Our efforts to deter are more effective and more successful when we have greater clarity about the capabilities, posture, operations, and strategies of potential adversaries. Our efforts to defend ourselves are most efficient when we are spared the pressure to buy and deploy ever-increasing weapons systems –purely for the sake of matching or exceeding the other sides’ numbers. And our efforts to prevent unintentional escalation and even to head-off intentional escalation are only successful if we can communicate reliably and clearly in peacetime
and in crisis. In contrast, accelerating proliferation, diminishing communication, and the absence of transparency is rarely a formula that results in greater security or stability.
The mutually reinforcing relationship between deterrence and arms control is at the heart of the Biden-Harris Administration’s balanced approach to these issues. With our national security and the security of our partners and allies as the overarching objective, the United States will maintain a safe, secure, and effective nuclear deterrent and strong and credible extended deterrent commitments. At the same time, we will continue to emphasize the need for strategic stability, seek to avoid costly arms races, and facilitate risk reduction and arms control arrangements wherever possible. We have an ambitious but achievable vision for the future, one that will enhance the security of the United States, our allies and partners, AND the global community.
So how do we achieve that vision? With Russia we have explained our goals for next steps in nuclear arms control, and those have not changed. We want to sustain limits beyond 2026 on the Russian systems covered under new START; we want to limit the new kinds of nuclear systems Russia is developing; and we want to address all Russian nuclear weapons, including theater-range weapons.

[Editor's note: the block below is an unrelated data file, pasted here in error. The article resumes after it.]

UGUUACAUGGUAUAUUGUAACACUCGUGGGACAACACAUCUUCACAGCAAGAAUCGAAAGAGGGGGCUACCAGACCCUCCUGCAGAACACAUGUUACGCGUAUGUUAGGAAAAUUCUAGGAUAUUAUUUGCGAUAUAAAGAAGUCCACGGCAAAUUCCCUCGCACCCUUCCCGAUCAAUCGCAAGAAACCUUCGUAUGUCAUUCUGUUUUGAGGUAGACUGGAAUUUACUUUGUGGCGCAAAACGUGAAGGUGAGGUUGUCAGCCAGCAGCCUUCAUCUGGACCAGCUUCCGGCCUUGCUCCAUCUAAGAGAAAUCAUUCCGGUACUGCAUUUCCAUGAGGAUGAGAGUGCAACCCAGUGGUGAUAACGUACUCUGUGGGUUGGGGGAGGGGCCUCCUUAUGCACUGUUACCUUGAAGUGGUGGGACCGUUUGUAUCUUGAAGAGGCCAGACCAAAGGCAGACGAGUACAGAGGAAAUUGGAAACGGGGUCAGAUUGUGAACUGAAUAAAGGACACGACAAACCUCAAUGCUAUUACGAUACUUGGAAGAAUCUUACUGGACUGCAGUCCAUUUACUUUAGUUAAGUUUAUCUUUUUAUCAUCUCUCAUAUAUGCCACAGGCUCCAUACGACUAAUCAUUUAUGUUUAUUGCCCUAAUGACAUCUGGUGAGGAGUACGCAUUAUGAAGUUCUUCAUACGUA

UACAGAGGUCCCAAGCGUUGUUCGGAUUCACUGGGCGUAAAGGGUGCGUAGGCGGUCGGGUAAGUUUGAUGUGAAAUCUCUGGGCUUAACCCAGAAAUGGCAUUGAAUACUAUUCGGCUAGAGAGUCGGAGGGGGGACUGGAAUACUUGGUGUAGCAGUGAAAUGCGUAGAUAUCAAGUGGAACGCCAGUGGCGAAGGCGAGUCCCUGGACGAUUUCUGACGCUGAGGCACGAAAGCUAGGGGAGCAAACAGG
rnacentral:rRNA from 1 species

Expanding arms control to cover these theater-range weapons (sometimes misleadingly described as non-strategic or low yield) is critically important since Russia is more likely to threaten to or actually use these weapons in conflict scenarios. And these weapons are presently not constrained by any agreement, nor does Russia have any
arms control commitments or obligations to even provide transparency into its stockpile – which is on par or greater than the number of deployed weapons accountable under new START.
Former U.S. Undersecretary of State for Arms Control and International Security Rose Gottemoeller once referred to theater-range weapons limitations as “the Holy Grail of the arms control community.”
And addressing these weapons will not be easy. We are working hard within the interagency and with partners and allies to analyze the full range of complex issues at play, and I am confident we will be ready with an effective and workable approach.
But technical solutions and capacities are not sufficient without political will, and progress will be difficult without a willing partner in Russia.
With China, we have a very different relationship, but we face a similar political will challenge. Attempts to engage in bilateral discussions on managing and reducing strategic risks have been met with PRC resistance. China appears unwilling to engage while it is rushing to expand its arsenal. Now that China’s arsenal has surpassed the size of those of the UK and France and is on pace to be larger than both combined, Beijing’s time to be transparent and engage meaningfully on risk reduction has come.